To prepare for changes to supply and demand, the City of Steamboat Springs and Mount Werner Water strive to implement strategies that promote water supply resiliency by preparing for growth, planning for drought and wildfire, planning for a Colorado River Compact Call, implementing water conservation, and developing a redundant supply. In 2019 the City and District completed an update to their Water Supply Master Plan (WSMP), which helps accomplish the items above by assessing the availability of current and future water supplies to meet future consumptive municipal demands under a series of growth and climate scenarios. This Water Conservation Plan update builds on the 2019 WSMP effort. This plan is an update to the City and District 2011 Water Conservation Plan and was developed in accordance with Colorado Statute and the Colorado Water Conservation Board’s (CWCB) guidelines.

“Water conservation is a key strategy in developing a sustainable community; it demonstrates responsible stewardship of our water resources and responsible management of our infrastructure and financial resources. By raising citizen awareness, a conservation program can also prepare the community to respond effectively to drought conditions or other water emergencies and to accept and adapt to progressively more stringent conservation measures.”

Read the Water Conservation Plan

This information is also posted on the City website at: www.steamboatsprings.net.

Drinking water is a very precious resource and should be used in moderation. Excess, unnecessary water use not only depletes the current supply of water but can also wreak havoc on your water bill. Learning to use the water available to us effectively and efficiently can help the environment and your wallet! There are four basic strategies for conserving water both inside and outside of the home:

  • Economize
  • Repair leaks
  • Install water-saving devices
  • Reuse water


  • Don’t use the toilet to flush anything that should go in the garbage can – 2 to 7 gallons of water go into the sewer every time a toilet is flushed.
  • Cut down on shower time – most showers use 5 to 10 gallons of water a minute.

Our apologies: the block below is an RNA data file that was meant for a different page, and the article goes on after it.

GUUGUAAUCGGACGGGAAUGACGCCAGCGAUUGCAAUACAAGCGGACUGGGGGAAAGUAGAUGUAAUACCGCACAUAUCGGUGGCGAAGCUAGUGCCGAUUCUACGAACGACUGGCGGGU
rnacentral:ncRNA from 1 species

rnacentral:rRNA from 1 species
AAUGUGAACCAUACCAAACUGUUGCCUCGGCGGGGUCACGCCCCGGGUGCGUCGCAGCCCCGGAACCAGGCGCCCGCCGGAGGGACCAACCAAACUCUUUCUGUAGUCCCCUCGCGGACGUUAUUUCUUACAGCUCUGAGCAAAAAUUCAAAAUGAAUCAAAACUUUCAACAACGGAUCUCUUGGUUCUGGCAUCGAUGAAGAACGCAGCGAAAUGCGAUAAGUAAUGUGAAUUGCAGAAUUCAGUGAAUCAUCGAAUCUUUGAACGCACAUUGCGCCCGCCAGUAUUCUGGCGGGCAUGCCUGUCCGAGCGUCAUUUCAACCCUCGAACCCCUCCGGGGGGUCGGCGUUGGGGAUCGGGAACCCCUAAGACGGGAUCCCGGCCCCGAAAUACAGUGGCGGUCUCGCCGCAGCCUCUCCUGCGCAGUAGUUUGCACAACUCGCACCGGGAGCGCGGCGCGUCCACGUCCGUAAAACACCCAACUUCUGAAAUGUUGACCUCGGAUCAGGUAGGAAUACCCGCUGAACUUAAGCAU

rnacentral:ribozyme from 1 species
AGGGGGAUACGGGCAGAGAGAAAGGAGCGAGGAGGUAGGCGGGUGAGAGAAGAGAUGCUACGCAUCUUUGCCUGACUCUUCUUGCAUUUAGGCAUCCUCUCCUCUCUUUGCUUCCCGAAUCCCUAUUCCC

• Turn the water off while shaving or brushing your teeth.
  • Make sure the dishwasher is completely full before running it – most dishwashers use about 12 gallons of water per run.
  • Don’t use the washing machine until you have a full load, or set your machine for a smaller load – most washing machines use in excess of 40 gallons of water per load.
  • Fix leaks! Many leaks can waste up to 20 gallons of water a day. A leaky toilet running ¼ gallon per minute equals 360 gallons per day.
  • Know where your main shutoff valve is in case you ever need to turn off the water supply to your house.
  • Know where other shutoff valves are. Sinks, toilets and other fixtures usually have their own.

Click here for more information on How to Conserve Water in the Bathroom.


  • Water plants only when they need it, not on a fixed schedule. Avoid watering in direct sunlight or when it’s very hot. The water is more likely to evaporate rather than be absorbed by the plants.
  • Keep your lawn and garden weed-free. Weeds are water hogs!
  • Allow water to soak in slowly. Don’t try for a quick drowning, as the water will likely just evaporate.
  • Never leave the sprinkler running all day. Outdoor spigots can pump out 5 to 10 gallons a minute.
  • When washing your car, use a bucket of soapy water and save the hose for rinsing.
  • Don’t clean your driveway with the hose – a broom can do the same job!

For other helpful conservation ideas, visit the links shown below.